The Salafi Al-Nour Party held an emergency meeting to determine whether or not it would participate in upcoming elections for the House of Representatives, scheduled to start in April.
Al-Nour has distanced itself from the Muslim Brotherhood’s Freedom and Justice Party (FJP) in recent weeks, meeting with opposition groups and calling for the resignation of Prime Minister Hesham Qandil.
Media spokesman for the FJP Murad Ali criticised calls to boycott upcoming elections for the House of Representatives, saying that it demonstrated “evidence of their failure”.
“I do not see any justification for the opposition to boycott elections held under judicial supervision and the eyes of the whole world,” said Ali in a press statement, in reference to both domestic and international election monitors who will oversee the voting process.
The spokesman added that the media was biased against Islamist movements and was afraid of realising the popularity of those political trends on the ground.
Abdel-Moneim Aboul Fotouh’s Strong Egypt Party said on Sunday that it had not yet made a decision regarding election participation. A statement from the group said the party would base its decision on the political situation, the status of guarantees for fair elections, and the opinions of different prominent members of the group.
The Al-Wafd Party said that it would pursue the elections law, which it declared was unconstitutional. “Participation in an election without assurances is an abortion of the revolution and the raping of the nation,” said the party in a statement issued on its official Facebook page.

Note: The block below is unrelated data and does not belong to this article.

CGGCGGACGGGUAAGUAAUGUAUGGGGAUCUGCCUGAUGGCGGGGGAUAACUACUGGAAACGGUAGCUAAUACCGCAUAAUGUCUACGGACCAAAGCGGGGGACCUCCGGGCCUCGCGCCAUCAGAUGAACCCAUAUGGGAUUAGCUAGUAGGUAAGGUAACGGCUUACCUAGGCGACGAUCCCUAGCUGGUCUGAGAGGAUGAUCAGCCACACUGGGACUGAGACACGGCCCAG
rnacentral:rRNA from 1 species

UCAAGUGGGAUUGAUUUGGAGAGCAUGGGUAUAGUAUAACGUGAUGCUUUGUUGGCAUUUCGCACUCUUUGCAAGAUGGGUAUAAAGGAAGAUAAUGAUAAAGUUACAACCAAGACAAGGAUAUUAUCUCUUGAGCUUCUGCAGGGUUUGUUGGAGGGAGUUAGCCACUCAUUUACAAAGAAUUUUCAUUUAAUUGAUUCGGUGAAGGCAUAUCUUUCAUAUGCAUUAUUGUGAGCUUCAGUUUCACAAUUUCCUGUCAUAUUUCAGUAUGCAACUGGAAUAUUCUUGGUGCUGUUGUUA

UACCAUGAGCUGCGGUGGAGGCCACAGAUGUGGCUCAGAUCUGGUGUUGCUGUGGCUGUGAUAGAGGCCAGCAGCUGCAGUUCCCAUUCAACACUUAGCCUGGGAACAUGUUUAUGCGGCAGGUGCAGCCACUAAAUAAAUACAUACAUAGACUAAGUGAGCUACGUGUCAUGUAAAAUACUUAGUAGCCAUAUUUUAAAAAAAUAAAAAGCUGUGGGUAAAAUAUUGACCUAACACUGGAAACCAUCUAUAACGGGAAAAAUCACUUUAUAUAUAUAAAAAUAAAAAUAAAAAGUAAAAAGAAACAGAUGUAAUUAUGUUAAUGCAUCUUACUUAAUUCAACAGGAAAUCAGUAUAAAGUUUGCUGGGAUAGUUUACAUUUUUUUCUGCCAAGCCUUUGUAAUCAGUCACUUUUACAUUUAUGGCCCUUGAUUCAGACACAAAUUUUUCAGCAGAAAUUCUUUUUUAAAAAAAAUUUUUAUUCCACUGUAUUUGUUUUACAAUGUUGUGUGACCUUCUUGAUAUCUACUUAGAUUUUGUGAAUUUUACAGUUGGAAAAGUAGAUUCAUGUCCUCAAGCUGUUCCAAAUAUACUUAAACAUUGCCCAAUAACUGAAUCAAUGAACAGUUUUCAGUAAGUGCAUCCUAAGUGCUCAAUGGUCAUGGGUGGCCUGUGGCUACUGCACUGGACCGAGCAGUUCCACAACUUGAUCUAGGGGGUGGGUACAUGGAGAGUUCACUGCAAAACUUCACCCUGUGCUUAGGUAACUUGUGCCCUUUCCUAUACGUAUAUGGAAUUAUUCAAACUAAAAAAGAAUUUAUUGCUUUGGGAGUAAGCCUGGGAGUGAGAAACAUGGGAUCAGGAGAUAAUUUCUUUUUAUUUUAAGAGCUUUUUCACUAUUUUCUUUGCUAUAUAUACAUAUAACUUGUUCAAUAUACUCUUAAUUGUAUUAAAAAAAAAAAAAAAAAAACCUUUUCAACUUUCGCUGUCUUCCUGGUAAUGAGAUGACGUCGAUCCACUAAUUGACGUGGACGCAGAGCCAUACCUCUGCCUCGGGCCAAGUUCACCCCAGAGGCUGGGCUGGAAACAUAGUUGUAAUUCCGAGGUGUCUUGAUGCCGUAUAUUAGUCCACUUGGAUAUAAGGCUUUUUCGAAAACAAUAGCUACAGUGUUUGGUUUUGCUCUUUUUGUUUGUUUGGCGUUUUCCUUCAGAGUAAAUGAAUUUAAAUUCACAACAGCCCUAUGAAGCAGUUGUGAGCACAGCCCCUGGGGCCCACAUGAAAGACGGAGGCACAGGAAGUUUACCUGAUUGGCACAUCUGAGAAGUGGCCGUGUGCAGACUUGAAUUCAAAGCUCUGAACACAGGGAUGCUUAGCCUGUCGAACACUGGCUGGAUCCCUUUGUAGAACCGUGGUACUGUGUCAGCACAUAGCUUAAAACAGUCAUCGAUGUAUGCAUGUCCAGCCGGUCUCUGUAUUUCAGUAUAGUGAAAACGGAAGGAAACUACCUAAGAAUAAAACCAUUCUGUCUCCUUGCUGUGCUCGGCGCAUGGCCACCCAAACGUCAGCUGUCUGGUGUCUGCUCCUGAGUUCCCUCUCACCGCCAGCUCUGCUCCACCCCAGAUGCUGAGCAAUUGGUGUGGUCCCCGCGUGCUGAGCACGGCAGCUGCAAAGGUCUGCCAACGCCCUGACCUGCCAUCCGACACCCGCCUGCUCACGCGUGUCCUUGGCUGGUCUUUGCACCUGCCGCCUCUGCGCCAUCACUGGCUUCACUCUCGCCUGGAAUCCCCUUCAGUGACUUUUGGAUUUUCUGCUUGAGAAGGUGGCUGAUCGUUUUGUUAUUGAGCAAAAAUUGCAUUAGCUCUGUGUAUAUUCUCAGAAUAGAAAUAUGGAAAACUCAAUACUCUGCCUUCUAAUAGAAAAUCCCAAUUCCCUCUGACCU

Opposition leader Mohamed ElBaradei said he would boycott the polls, drawing parallels between the current political situation and the parliamentary election boycott in 2010 against the ousted National Democratic Party.
The National Salvation Front (NSF) has repeatedly threatened to boycott elections if the presidency does not give in to its demands, and said it would make a final official decision regarding elections on Sunday or Monday, although there are indications that the umbrella organisation of opposition parties is leaning towards a boycott.
Last week the Popular Current, led by former presidential candidate Hamdeen Sabahy, declared that it would boycott elections. The group said it could not participate in the elections under the continuation of a “tyrannical regime” that insulted the dignity of its citizens. The statement went on to say the Popular Current would not field any candidates and voiced its support for recent civil disobedience across Egyptian cities.